Within 24 h of infection, A. phagocytophilum induces hypermethylation of neutrophil DNA on a genome-wide scale. Hypermethylation of the genome is associated with enhanced bacterial growth and colonization of the host cell. DNA methylation was predominantly associated with gene bodies or within 3 kb of transcriptional start and termination sites and tended to localize to exons and intron/exon junctions. Intragenic DNA methylation did not correlate strongly with A. phagocytophilum-induced differential gene expression over all chromosomes. However, intergenic DNA methylation is associated with infection-related transcriptional alterations. Targeted investigation of the MHC locus on chromosome 6 demonstrated that newly methylated sites fall within inactive chromatin domains and line the boundaries of active chromatin and that DNA methylation is associated with differential gene expression. Together, these data suggest that A. phagocytophilum-induced hypermethylation of the neutrophil genome is important for initial survival and propagation and that its influence over cellular epigenetics can lead to cellular reprogramming of even terminally-differentiated neutrophils.


Cell lines and cell culture

Primary peripheral blood neutrophils were isolated from venous blood of three healthy adult donors (two females, one male) as approved by the Johns Hopkins Medicine IRB and as previously described [43]. Briefly, EDTA-anticoagulated blood was dextran-sedimented and leukocyte-rich plasma centrifuged through a Ficoll-Paque gradient. Mononuclear cells were removed and the remaining erythrocytes were lysed in hypotonic saline. HL-60 promyelocytic cells (ATCC CCL-240) were purchased from American Type Tissue Culture (Manassas, VA, USA). Both neutrophils and HL-60 cells were maintained or propagated in RMPI 1640 (Hyclone, Thermo Fisher Scientific, Waltham, MA, USA) with 10 % fetal bovine serum (Thermo Fisher Scientific) and Glutamax (Life Technologies, Carlsbad, CA, USA). HL-60 cells were differentiated for 3 to 5 days prior to infection with 1 μM all-trans retinoic acid (ATRA). All cells were grown at 37 °C in a humidified incubator with 5 % CO2. Where stated, HL-60 cells were treated with 5-azacytidine (Sigma-Aldrich, St. Louis, MO, USA) in DMSO for 24 h and separately with RG108 (Sigma-Aldrich, St. Louis, MO, USA) in DMSO for 24, 48, and 72 h, or with DMSO alone as a vehicle control.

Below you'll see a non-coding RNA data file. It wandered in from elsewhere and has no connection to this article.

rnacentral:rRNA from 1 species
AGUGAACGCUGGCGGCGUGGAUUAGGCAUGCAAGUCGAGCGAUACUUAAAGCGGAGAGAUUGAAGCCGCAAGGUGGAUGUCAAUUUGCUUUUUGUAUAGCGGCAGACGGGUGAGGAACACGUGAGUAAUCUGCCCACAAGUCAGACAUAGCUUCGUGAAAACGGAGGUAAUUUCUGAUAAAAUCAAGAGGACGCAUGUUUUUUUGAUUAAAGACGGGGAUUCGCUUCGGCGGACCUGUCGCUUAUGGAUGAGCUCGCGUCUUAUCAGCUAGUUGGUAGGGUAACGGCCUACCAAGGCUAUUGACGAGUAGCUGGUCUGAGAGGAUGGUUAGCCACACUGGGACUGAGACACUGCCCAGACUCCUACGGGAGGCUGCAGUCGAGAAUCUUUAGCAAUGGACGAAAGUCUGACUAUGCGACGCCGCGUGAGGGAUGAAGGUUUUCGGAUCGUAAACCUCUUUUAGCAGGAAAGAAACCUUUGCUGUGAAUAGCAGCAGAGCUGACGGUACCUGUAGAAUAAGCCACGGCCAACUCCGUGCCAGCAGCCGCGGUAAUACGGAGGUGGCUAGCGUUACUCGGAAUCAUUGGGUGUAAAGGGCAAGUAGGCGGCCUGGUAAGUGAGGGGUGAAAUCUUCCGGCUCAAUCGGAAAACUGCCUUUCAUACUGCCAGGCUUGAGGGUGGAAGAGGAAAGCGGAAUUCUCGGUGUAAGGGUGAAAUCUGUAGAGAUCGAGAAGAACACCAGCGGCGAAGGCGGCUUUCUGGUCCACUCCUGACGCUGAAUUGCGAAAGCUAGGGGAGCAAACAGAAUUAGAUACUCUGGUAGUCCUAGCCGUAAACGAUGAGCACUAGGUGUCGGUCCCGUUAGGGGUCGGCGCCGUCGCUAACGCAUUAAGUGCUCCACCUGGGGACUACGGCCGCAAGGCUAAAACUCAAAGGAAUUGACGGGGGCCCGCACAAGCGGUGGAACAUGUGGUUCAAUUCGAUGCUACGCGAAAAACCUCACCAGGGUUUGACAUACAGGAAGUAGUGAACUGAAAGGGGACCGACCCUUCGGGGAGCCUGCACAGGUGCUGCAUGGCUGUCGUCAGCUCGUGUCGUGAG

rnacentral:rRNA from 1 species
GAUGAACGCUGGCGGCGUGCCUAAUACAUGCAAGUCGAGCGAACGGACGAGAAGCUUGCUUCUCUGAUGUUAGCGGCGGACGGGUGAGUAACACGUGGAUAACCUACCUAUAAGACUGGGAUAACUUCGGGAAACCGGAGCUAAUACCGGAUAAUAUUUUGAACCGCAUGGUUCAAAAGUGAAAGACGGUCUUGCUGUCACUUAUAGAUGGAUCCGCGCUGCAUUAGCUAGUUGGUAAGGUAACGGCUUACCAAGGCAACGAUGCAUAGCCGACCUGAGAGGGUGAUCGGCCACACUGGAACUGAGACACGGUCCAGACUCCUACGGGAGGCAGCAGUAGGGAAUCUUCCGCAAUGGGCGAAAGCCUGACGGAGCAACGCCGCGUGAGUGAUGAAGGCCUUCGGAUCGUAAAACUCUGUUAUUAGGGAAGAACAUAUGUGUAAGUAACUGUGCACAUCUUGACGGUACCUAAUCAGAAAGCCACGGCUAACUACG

Anaplasma phagocytophilum propagation, neutrophil infection, and quantitation

A. phagocytophilum was maintained in HL-60 cells as previously described [44]. Cell-free bacteria were obtained from HL-60 cells of which 90–95 % were infected. Infected cells were centrifuged at 500× g for 5 min and resuspended in 1× PBS. Infected cells were lysed by sonication using an output of four of a Branson Sonifier 250 (Branson Ultrasonics, Danbury, CT, USA) for 15 s or via syringe lysis using a 22 g syringe. Lysed cells were then centrifuged at 1000× g for 10 min, and the bacteria-enriched supernatant was centrifuged at 13,000× g for 30 min. The bacterial pellets were suspended in RMPI 1640 medium.